I am asked to count the total number of matrices in $GL_2(F_p)$, where $F$ is a field and $p$ is a prime number, denoting the number of its elements, by first computing the total number of matrices over $F_p$, and then subtracting the total number of non-invertible matrices, which is the total number of matrices whose one row is a multiple of the other.

Clearly there are $p^4$ total matrices over $F_p$. Now, let us consider non-invertible. There are two general cases, either the first row is [0 0] or it is not. If it is, then for the second row [a b], there are $p$ possibilities for $a$ and $p$ possibilities for $b$. Hence, a total of $p^2$ possibilities under this case.

Now, if the first row [x y] is not zero, then either $x \neq 0$, $y \neq 0$, or $x$ and $x$ are not equal to zero. Note, our second row is of the form [kx ky], so that it is a multiple of the first. If $x \neq 0$, then there are $(p-1)$ possibilities for $x$, $p$ for $y$, and $p$ for $k$. Hence, a total of $(p-1) \cdot p \cdot p = p^3 - p^2$. We get the same number of the $y \neq 0$ case. Finally, if $x \neq 0$ and $y \neq 0$, then $(p-1)$ choices for $x$ and $y$, and $p$ choices for $k$, totaling to $(p-1)(p-1)p = p^3 - 2p^2 + p$.

However, this does sum to $p^3 + p^2 + p$, which is the answer. What did I do wrong? I have been working on this all day; combinatorics comes very difficult for me.


marked as duplicate by lulu, Did, Claude Leibovici, Watson, loup blanc Sep 14 '16 at 12:52

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  • $\begingroup$ @lulu I don't think so. I am looking at 2x2 matrices over an arbitrary finite field. Also, I feel that my method is close, but needs a little fixing. The way I have done it makes most sense to me, despite the slight errors. So I would like my solution fixed, and not to have to look at another solution which I don't understand. $\endgroup$ – user193319 Sep 14 '16 at 1:06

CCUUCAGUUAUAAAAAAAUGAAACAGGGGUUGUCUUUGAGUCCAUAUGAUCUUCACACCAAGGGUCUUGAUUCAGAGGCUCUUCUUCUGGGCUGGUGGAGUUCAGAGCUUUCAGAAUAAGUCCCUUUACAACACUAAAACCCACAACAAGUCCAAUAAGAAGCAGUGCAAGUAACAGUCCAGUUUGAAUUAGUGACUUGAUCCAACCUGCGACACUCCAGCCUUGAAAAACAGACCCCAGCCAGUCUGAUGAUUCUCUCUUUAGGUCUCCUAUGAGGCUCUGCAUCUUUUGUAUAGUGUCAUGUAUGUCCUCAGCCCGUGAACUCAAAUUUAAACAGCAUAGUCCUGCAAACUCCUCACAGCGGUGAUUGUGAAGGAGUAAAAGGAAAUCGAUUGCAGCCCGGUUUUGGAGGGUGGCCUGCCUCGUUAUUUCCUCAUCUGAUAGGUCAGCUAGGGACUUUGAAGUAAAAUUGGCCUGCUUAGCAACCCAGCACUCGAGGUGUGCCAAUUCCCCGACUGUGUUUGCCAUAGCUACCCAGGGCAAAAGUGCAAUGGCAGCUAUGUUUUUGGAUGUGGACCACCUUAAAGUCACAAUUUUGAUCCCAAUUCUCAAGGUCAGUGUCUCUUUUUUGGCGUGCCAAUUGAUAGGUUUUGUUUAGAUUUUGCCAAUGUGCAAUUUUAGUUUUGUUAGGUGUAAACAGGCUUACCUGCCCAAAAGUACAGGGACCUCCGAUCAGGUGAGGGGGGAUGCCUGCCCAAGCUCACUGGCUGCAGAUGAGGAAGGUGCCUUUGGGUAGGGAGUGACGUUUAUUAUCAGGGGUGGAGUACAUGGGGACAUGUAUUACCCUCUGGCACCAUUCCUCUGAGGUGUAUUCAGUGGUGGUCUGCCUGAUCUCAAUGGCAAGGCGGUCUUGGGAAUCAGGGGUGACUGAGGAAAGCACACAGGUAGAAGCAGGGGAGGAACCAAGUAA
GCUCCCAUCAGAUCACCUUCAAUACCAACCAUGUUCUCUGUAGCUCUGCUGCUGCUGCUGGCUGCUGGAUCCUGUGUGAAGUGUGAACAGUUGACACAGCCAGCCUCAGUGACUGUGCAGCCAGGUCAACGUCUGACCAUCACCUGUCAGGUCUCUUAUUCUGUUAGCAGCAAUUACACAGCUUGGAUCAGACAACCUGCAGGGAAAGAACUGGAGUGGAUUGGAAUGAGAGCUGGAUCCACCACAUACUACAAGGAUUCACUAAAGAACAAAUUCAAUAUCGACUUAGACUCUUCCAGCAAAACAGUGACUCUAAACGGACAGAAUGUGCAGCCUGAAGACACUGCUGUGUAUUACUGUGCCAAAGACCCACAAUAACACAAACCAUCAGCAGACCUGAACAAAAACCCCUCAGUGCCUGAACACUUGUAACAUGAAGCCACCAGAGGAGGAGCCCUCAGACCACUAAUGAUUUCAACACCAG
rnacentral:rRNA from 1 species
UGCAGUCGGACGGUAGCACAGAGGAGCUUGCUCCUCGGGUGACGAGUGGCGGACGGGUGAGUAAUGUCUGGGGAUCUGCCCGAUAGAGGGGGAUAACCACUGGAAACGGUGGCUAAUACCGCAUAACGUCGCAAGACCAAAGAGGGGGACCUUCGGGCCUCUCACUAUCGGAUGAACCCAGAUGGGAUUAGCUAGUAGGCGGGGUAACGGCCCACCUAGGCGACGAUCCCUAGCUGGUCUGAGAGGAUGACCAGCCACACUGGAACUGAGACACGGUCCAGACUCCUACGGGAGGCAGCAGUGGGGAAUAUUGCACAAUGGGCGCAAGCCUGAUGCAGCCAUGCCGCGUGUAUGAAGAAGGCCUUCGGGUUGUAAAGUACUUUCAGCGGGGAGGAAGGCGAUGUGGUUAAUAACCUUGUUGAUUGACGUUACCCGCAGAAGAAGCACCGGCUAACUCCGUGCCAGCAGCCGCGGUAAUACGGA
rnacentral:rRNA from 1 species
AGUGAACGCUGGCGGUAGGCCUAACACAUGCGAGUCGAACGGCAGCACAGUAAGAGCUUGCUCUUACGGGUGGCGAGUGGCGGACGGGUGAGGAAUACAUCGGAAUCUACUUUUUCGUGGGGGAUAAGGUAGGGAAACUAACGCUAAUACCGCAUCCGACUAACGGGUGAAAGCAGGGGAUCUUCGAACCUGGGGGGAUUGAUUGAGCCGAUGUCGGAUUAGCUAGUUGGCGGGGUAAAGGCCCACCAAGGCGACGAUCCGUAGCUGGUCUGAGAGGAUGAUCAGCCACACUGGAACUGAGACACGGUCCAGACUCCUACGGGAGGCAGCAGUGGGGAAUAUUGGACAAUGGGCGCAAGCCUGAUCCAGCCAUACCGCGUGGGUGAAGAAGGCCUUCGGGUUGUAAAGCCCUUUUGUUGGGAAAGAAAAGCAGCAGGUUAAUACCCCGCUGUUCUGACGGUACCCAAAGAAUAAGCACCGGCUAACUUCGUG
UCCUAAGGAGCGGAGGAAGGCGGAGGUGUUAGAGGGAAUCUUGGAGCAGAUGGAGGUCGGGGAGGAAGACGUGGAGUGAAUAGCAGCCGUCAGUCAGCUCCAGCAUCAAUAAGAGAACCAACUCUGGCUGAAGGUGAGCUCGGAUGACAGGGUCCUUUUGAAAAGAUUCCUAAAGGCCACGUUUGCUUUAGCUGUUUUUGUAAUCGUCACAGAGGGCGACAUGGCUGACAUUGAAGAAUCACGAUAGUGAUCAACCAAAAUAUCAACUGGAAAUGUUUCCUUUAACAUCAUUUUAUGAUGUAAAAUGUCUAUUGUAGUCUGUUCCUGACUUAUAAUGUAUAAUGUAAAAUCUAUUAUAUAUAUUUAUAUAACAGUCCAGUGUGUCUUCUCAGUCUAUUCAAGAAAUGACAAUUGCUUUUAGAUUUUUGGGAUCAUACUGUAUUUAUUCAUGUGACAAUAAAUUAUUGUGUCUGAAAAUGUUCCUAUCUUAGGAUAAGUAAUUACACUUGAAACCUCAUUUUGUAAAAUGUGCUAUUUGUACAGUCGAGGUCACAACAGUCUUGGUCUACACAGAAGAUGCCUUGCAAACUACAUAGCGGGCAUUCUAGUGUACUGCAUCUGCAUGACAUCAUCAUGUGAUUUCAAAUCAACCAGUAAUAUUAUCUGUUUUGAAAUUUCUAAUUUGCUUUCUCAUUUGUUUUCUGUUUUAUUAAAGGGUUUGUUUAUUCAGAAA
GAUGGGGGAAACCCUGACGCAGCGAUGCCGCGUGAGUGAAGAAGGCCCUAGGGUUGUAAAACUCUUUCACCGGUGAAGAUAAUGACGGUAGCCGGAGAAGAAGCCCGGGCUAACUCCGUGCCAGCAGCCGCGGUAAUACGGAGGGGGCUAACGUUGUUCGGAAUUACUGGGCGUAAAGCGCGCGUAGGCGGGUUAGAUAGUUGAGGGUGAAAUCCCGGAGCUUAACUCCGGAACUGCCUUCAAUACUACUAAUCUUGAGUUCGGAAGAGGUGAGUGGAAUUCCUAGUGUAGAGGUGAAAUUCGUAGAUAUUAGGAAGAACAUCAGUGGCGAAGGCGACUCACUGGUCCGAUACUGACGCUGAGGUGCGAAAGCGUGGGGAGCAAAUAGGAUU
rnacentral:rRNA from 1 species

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    $\begingroup$ Specific to $GL_2$, this question might be more directly relevant. $\endgroup$ – lulu Sep 14 '16 at 1:06
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    $\begingroup$ The idea is: to count the invertible matrices, there are $p^2-1$ non-zero ways to fix the first column. Then there are $p^2-p$ ways to choose the second so that it's not a multiple of the first. Thus $(p^2-1)(p^2-p)$. $\endgroup$ – lulu Sep 14 '16 at 1:10
  • $\begingroup$ Okay, I understand $p^2 -1$: $p^2$ corresponds total number in (1-1) and (1-2) entry, minus $1$ for zero row. But $p^2 -p$ I don't quite understand: again, $p^2$ corresponds to total number in (2-1) and (2-2) entry, and we have to subtract off p, but what does p represent? Maybe it would make more sense to me if we wrote $p^2 - p = p(p-1)$, where $p$ total number for (2-1) and $p-1$ total number for (2-2) entry. But again, why are we subtracting off $1$? $\endgroup$ – user193319 Sep 14 '16 at 1:22
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    $\begingroup$ There are $p^2$ total vectors. There are $p$ multiples of the first column. $\endgroup$ – lulu Sep 14 '16 at 1:23

If the first row is $[0,0]$, the matrix is always non-invertible.

If the first row is not $[0,0]$, the matrix is non-invertible iff the second row is a scalar multiple of the first row. The number of possible scalars is $p$.


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